Why does the first day of spring, summer, fall and winter differ every year and what is the greatest span of difference? It's not more than 24 hours, is it?
#29285. Asked by an alias. (Mar 08 03 4:19 AM)
SUMMER SOLSTICE = The sun is as high or as far north as it gets all year. |
First day of Summer is June 21 or 22
The Sun is directly above the Tropic of Cancer (N-hemisphere)
WINTER SOLSTICE = The Sun is at its lowest, and the farthest south it gets all year.
First day of Winter is Dec 21 or 22
The Sun is directly above the Tropic of Capricorn (S-hemisphere).
EQUINOX = The Sun is directly above the equator. Rises due E and sets due W.
VERNAL EQUINOX = Spring equinox = First day of spring is March 21 or 22
AUTUMNAL EQUINOX = Fall equinox = First day of autumn is Sept 22 or 23
It varies for a few reasons.
The Earth's orbit around the Sun is not exactly circular and accordingly its orbital velocity is not constant. In addition, the Earth wobbles on its axis, an effect called precession.
Also our calender works on the basis of 24 hours in a day and 365 days in a normal year. Neither of these are true. A true day is approximately only 23 hours and 56 minutes long, and a year is about 365.25 days long.
This is why we have leap years (and seconds) to correct the errors that accumulate.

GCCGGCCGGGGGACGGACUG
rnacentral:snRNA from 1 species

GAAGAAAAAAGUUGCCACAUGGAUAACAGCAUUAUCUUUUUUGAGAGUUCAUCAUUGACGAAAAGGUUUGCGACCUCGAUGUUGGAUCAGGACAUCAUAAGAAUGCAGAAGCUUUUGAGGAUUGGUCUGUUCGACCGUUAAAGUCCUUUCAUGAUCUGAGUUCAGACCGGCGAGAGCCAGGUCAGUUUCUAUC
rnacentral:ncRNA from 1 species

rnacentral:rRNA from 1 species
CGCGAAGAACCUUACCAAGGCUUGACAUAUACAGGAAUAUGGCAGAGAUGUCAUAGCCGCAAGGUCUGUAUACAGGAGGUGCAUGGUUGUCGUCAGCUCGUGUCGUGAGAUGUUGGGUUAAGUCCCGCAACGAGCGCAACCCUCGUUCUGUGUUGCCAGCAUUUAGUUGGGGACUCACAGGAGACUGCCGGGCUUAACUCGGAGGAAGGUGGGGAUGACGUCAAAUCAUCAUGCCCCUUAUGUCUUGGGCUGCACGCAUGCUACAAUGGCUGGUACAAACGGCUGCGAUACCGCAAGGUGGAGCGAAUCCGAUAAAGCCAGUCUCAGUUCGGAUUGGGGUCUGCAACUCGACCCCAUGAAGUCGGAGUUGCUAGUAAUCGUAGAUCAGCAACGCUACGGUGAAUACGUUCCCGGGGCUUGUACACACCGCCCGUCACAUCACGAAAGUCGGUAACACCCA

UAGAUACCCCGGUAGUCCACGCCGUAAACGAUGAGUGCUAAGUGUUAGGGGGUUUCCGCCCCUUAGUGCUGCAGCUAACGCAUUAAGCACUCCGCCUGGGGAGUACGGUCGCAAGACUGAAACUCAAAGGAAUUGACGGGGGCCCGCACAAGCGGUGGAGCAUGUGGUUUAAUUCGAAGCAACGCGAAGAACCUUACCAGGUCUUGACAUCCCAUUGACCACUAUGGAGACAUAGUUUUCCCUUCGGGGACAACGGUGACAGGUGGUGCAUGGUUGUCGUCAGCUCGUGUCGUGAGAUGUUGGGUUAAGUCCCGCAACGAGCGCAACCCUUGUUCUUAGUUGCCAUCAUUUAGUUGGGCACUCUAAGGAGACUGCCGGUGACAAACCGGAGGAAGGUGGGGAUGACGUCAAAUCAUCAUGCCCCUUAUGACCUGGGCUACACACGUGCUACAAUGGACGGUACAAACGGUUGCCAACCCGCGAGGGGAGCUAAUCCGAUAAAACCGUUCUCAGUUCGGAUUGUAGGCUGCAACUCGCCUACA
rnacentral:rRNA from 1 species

Furthermore the actual average duration in days between the annual marker points are as follows (they vary over centuries and millennia): |
From any specific equinox or solstice to the next recurrence of the same:
spring equinox: 365.2424 days
summer solstice: 365.2416 days
autumn equinox: 365.2420 days
winter solstice: 365.2427 days
Since they are not all exactly the same it means they move slightly relative to each other.
This means that the lengths of the seasons oscillate.
Currently summer, autumn, winter and spring last for 93.7, 89.9, 88.8 and 92.8 days, respectively, but over the millennia, these values alter.
Sequoianoir's figures are slightly confused, but he's got the bones of it right. The figure of 23 hours and 56 minutes for a day is the length of a sidereal day, the rotation of the Earth with respect to the stars. It is not really relevant to what is being discussed. |
There's no such thing as an official 'Start of Spring', as it arrives at different times in different latitudes. In Ireland, Spring starts around 15 February, but the day treated as the start of Spring is 1st February.
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